Two new papers published on the inclined plate problem in JFM and the Journal of Fire Sciences

Two new publications were recently published, both focused on studying inclined flames.

  1. On the heat transferred to the air surrounding a semi-infinite inclined hot plate (Final PDF)
    Gollner, M. J., Sanchez, A. L., and Williams, F. A., Journal of Fluid Mechanics, 732, 2013, pp. 304-315.
  2. Burning on Flat Wicks at Various Orientations (PDF Pre-print)
    Zhang, Y., Bustamante, M.J., Gollner, M.J., Sunderland, P.B., Quintiere, J.G., Journal of Fire Sciences, 0(0), 2013, pp. 1-20.

The first paper, published in the Journal of Fluid Mechanics presents an asymptotic analysis of heat transfer over an inclined plate – a simplification of the inclined burning problem. We initially expected that by incorporating density variations within the boundary layer, we would be able to resolve differences between the top and bottom surfaces of the plate, explaining burning behavior observed in our previous combustion institute publication. As it turns out, incorporating density differences does not change the solution very much, even to very high orders. Interestingly, we have found that the effect on different sides of the surface may likely be due to effects near the leading edge of the plate, following work by Messiter and Linan. This provides a nice analytical basis for us to extend our research in inclined boundary layer flames. More detailed experimental measurements on the problem should come out in the next year!

The second paper was a collaboration with Dr.’s Quintiere and Sunderland and their students on inclined plates burning. We modified Ahmad and Faeth’s upward burning integral solution for steady burning and incorporated side entrainment which has modified the solution to be applied somewhat more accurately to inclined plates. The solution works better than previous, but many unresolved problems still exist. Particularly, the fact that different size wicks will modify burning leaves many open questions for us to continue to investigate!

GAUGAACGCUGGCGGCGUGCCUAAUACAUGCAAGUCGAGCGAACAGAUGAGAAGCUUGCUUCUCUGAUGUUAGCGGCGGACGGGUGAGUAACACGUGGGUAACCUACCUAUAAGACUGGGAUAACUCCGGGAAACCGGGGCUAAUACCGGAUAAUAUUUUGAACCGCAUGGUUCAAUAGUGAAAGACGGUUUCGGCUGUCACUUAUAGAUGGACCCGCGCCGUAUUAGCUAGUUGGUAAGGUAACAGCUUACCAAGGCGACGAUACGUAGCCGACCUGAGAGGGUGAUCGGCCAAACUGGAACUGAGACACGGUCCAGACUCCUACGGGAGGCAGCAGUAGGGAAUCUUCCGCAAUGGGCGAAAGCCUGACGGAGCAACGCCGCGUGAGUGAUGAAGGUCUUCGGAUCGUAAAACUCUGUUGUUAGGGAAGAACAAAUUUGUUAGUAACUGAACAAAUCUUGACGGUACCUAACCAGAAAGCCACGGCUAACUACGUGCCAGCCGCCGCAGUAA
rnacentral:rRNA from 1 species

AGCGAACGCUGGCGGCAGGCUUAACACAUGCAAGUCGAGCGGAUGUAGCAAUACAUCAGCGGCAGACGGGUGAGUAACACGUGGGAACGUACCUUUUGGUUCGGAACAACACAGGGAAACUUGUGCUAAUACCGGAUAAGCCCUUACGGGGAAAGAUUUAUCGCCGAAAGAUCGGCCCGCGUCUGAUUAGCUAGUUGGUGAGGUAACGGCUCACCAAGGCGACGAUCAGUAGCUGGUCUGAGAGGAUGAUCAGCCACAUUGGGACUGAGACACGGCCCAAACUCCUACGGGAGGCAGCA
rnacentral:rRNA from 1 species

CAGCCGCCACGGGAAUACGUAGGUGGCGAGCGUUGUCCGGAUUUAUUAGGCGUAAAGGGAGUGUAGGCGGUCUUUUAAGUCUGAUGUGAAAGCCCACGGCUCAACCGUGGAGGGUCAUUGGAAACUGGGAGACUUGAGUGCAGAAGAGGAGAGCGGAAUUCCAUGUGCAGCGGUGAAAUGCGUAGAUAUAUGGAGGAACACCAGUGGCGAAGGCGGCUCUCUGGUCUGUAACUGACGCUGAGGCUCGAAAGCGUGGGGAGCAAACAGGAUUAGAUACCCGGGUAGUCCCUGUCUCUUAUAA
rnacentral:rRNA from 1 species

On the heat transferred to the air surrounding a semi-infinite inclined hot plate

An asymptotic analysis of laminar free convection in a boundary layer over an isothermal semi-infinite flat plate inclined at some angle to the vertical has been performed. Existing analytical solutions show no difference in the heat-transfer rate between the upper and lower surfaces of the plate, contrary to observations. To investigate this, higher-order perturbations of the non-dimensional temperature, velocity and pressure across the boundary layer were computed and found to show only small variations from first-order perturbations previously reported. Unexpectedly, third-order perturbations of all functions were found to be identical to those of the vertical plate, indicating that differences in temperature between both sides of the plate are limited to exceedingly small terms of order ${x}^{- 9/ 4} $ or smaller, $x$ being the distance from the leading edge, non-dimensionalized by the buoyancy length scale. Dominant differences between heat-transfer rates on the upper and lower surfaces were therefore concluded to be due to near-leading-edge effects. In applying an integral form of the conservation equations to the near-leading-edge region, it was found that, up to terms of order unity in $x$, the total heat-exchange rate for the inclined plate is identical to that of the vertical plate, so that the heat-transfer gain on one side balances exactly the loss occurring on the other. This simplification allowed determination of an upper bound for differences in heat-transfer rates between the upper and lower sides, even though complete determination of the differences would require a numerical integration of the full Navier–Stokes equations near the leading edge of the plate.

Burning on Flat Wicks at Various Orientations

Burning on flat plates was studied at various orientations with respect to gravity. Flat wicks of ceramic (Kaowool PM) board (10 cm wide and 1–10 cm long) were saturated with methanol or ethanol. Steady flames were obtained that ranged from boundary layer flames to plume-type burning. The onset of unsteady flow and transition to turbulence commenced at Grashof numbers of 106 –107 , increasing with decreasing angle (toward underside burning). The average burning rate per unit area was recorded along with the flame location. Experiments on polymethylmethacrylate were used for comparison with the liquid-wick results. The results roughly correlated with laminar pure convective theory, and improved results were indicated when the gravity term associated with the pressure gradient normal to the plate was included. Theoretical results by the integral method to reduce the partial differential equations to ordinary differential equations are presented